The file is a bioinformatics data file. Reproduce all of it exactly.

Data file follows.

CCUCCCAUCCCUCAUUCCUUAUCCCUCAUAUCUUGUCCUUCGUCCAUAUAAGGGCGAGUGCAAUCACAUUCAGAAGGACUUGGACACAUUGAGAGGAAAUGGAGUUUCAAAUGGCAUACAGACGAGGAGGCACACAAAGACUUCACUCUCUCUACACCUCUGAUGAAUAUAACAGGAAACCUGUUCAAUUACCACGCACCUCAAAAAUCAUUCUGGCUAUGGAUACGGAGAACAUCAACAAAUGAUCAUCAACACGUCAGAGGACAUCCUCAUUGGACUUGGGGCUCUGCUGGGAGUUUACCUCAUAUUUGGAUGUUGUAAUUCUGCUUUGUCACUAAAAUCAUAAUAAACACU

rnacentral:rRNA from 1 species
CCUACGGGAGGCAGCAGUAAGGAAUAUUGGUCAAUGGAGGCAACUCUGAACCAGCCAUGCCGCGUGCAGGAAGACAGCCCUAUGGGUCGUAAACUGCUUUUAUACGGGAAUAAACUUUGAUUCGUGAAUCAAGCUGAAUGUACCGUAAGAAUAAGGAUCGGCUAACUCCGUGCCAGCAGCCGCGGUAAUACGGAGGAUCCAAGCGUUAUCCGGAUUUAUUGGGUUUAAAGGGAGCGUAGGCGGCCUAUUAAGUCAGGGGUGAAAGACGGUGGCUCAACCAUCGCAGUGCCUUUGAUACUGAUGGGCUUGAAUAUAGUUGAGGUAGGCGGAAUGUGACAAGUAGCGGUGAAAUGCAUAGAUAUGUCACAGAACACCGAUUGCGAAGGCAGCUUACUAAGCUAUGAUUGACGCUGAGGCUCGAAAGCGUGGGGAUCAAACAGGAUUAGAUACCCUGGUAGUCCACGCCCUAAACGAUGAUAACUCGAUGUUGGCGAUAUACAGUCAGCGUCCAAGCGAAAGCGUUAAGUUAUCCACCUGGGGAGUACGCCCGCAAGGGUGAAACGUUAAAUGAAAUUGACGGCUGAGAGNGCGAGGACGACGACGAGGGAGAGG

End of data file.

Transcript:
CCUCCCAUCCCUCAUUCCUUAUCCCUCAUAUCUUGUCCUUCGUCCAUAUAAGGGCGAGUGCAAUCACAUUCAGAAGGACUUGGACACAUUGAGAGGAAAUGGAGUUUCAAAUGGCAUACAGACGAGGAGGCACACAAAGACUUCACUCUCUCUACACCUCUGAUGAAUAUAACAGGAAACCUGUUCAAUUACCACGCACCUCAAAAAUCAUUCUGGCUAUGGAUACGGAGAACAUCAACAAAUGAUCAUCAACACGUCAGAGGACAUCCUCAUUGGACUUGGGGCUCUGCUGGGAGUUUACCUCAUAUUUGGAUGUUGUAAUUCUGCUUUGUCACUAAAAUCAUAAUAAACACU

rnacentral:rRNA from 1 species
CCUACGGGAGGCAGCAGUAAGGAAUAUUGGUCAAUGGAGGCAACUCUGAACCAGCCAUGCCGCGUGCAGGAAGACAGCCCUAUGGGUCGUAAACUGCUUUUAUACGGGAAUAAACUUUGAUUCGUGAAUCAAGCUGAAUGUACCGUAAGAAUAAGGAUCGGCUAACUCCGUGCCAGCAGCCGCGGUAAUACGGAGGAUCCAAGCGUUAUCCGGAUUUAUUGGGUUUAAAGGGAGCGUAGGCGGCCUAUUAAGUCAGGGGUGAAAGACGGUGGCUCAACCAUCGCAGUGCCUUUGAUACUGAUGGGCUUGAAUAUAGUUGAGGUAGGCGGAAUGUGACAAGUAGCGGUGAAAUGCAUAGAUAUGUCACAGAACACCGAUUGCGAAGGCAGCUUACUAAGCUAUGAUUGACGCUGAGGCUCGAAAGCGUGGGGAUCAAACAGGAUUAGAUACCCUGGUAGUCCACGCCCUAAACGAUGAUAACUCGAUGUUGGCGAUAUACAGUCAGCGUCCAAGCGAAAGCGUUAAGUUAUCCACCUGGGGAGUACGCCCGCAAGGGUGAAACGUUAAAUGAAAUUGACGGCUGAGAGNGCGAGGACGACGACGAGGGAGAGG